Pass the buck or the buck stops here? The public costs of claiming and deflecting blame in managing crises

@article{Miller2021PassTB,
  title={Pass the buck or the buck stops here? The public costs of claiming and deflecting blame in managing crises},
  author={David R. Miller and Andrew Reeves},
  journal={Journal of Public Policy},
  year={2021},
  volume={42},
  pages={63 - 91}
}
Abstract When things go wrong, and the government may be to blame, the public support enjoyed by elected executives is vulnerable. Because attribution of responsibility is often not straightforward, elected executives can influence citizens’ evaluations of their performance through presentational strategies, or explanatory frames which describe their roles in the management of the crisis. We examine the effectiveness of two ubiquitous presentational strategies: blame claiming, where the… 

The Administrative Presidency and Public Trust in Bureaucracy

  • Jon C. Rogowski
  • Political Science
    Journal of Political Institutions and Political Economy
  • 2020
Bureaucratic agencies occupy a politically perilous position in the American federal government. As agents of both Congress and the president, agencies are responsible to principals who often

Public Health Management of the COVID-19 Pandemic in Australia: The Role of the Morrison Government

  • S. Duckett
  • Political Science
    International journal of environmental research and public health
  • 2022
The Australian Commonwealth government has four health-related responsibilities during the SARS-CoV-2 pandemic: to provide national leadership; to manage external borders; to protect residents of

References

SHOWING 1-10 OF 198 REFERENCES

Who Do Voters Blame for Policy Failure? Information and the Partisan Assignment of Blame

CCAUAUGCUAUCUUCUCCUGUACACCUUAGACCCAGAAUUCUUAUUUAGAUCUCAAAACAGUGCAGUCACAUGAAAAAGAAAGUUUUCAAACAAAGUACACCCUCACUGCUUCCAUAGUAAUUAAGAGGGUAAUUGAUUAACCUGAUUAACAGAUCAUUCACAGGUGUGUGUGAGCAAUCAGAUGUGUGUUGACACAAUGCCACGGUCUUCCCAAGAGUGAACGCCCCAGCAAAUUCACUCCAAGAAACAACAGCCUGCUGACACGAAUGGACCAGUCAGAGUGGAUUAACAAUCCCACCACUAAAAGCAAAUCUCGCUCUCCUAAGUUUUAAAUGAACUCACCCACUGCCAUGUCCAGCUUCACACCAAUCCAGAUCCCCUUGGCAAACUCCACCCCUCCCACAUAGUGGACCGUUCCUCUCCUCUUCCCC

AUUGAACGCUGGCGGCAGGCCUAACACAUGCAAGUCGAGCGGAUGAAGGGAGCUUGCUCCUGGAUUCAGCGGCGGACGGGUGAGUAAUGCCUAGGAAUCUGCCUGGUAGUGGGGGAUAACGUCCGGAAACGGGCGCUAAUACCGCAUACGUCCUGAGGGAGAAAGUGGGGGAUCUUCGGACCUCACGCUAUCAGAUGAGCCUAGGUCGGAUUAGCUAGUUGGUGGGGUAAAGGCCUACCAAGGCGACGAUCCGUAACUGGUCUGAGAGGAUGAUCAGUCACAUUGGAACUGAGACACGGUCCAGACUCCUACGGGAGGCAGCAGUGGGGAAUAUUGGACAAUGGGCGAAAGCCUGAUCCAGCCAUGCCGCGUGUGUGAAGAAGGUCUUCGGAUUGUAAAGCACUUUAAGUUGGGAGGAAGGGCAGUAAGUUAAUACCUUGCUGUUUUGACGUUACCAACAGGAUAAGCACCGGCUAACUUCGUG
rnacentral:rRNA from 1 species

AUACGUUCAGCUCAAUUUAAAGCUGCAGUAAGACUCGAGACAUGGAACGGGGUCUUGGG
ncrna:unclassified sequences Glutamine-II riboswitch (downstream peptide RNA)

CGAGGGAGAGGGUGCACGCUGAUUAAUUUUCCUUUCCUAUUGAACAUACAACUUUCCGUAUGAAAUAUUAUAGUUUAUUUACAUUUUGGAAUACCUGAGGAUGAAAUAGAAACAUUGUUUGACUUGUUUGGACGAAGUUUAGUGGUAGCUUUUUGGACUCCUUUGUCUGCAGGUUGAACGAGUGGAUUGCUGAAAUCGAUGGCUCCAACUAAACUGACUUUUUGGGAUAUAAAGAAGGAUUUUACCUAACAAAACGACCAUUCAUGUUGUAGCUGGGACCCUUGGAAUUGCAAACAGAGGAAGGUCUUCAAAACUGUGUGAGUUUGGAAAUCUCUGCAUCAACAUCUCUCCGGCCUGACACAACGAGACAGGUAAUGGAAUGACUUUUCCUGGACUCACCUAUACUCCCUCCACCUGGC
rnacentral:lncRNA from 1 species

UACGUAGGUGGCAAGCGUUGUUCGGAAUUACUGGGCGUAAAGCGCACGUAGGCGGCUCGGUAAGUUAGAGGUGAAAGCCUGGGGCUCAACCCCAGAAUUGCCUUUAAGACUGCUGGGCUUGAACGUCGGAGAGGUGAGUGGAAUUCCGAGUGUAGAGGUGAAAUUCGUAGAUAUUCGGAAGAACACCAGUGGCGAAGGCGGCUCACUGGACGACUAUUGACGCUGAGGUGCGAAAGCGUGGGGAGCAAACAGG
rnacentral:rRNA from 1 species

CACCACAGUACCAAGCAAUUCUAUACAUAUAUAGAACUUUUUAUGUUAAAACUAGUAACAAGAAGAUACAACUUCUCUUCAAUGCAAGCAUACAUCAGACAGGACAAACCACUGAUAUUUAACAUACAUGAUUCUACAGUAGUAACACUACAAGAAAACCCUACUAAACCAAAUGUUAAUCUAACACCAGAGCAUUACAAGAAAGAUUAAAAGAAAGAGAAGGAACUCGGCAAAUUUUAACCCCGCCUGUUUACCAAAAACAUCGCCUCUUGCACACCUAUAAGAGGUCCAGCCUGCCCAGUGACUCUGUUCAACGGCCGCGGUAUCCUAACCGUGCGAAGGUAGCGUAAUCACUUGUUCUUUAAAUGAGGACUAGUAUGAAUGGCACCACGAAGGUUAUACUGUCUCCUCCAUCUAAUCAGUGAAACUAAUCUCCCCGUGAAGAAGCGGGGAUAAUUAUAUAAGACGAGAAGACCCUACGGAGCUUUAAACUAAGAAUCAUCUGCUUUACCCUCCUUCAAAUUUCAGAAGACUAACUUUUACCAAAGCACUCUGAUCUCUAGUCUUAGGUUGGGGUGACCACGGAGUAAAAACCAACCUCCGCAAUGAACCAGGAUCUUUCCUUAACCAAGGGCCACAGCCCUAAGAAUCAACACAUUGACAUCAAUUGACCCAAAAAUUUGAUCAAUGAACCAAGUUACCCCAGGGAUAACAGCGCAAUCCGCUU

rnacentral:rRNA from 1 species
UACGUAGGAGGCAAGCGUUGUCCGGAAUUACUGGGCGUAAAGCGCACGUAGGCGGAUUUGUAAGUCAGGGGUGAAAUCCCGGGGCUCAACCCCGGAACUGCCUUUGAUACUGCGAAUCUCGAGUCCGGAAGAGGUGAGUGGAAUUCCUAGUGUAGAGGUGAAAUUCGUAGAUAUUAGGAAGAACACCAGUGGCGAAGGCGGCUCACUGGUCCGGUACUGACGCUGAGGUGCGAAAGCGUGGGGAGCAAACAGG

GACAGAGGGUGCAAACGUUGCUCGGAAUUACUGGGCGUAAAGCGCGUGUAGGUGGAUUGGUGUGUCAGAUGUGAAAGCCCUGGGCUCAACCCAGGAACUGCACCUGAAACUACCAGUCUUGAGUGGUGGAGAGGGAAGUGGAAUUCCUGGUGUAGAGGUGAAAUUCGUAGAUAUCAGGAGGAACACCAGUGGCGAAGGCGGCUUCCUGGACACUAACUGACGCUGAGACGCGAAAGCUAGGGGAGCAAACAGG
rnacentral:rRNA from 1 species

How do people assign blame in the wake of significant government failures? If the role of the citizenry in a representative democracy is to discipline elected officials for failing to meet collective

Bureaucratic accountability in third‐party governance: Experimental evidence of blame attribution during times of budgetary crisis

With the rise of third-party government, the lines between the sectors have blurred as has accountability. Public service delivery failures can erode government legitimacy and trust, but who do

Attributing Blame: The Public's Response to Hurricane Katrina

When government fails, whom do citizens blame? Do these assessments rely on biased or content-rich information? Despite the vast literatures on retrospective voting in political science and

Bias Will Find a Way: Economic Perceptions, Attributions of Blame, and Partisan-Motivated Reasoning during Crisis

Partisans often perceive real world conditions in a manner that credits their own party. Yet recent findings suggest that partisans are capable of setting their loyalties aside when confronted with

Is the Government to Blame? An Experimental Test of How Partisanship Shapes Perceptions of Performance and Responsibility

The idea that voters use elections to hold governments to account for their performance lies at the heart of democratic theory, and countless studies have shown that economic performance can predict

Citizens' Blame of Politicians for Public Service Failure: Experimental Evidence about Blame Reduction through Delegation and Contracting

Theories of blame suggest that contracting out public service delivery reduces citizens’ blame of politicians for service failure. The authors use an online experiment with 1,000 citizen participants

The Boston Marathon Bombings: Who's to Blame and Why It Matters for Public Administration

This article examines how elite attributions of blame—statements from politicians and high-level public administrators assigning responsibility for failure to prevent the Boston Marathon

Testing times: Exploring staged responses and the impact of blame management strategies in two examination fiasco cases

This article examines the responses of ministers facing high levels of blame in the press after serious failures in the public exam system for school-leavers in Scotland in 2000 and England in 2002.

The Blame Game: Spin, Bureaucracy, and Self-Preservation in Government

List of Illustrations vii Preface ix Part One: Blame, Credit, and Trust in Executive Government Chapter One: Credit Claiming, Blame Avoidance, and Negativity Bias 3 Chapter Two: Players in the Blame

Reflection in the Shadow of Blame: When Do Politicians Appoint Commissions of Inquiry?

Commissions of inquiry play an important role in the aftermath of crisis, by serving as instruments of accountability and policy learning. Yet crises also involve a high-stake game of political
...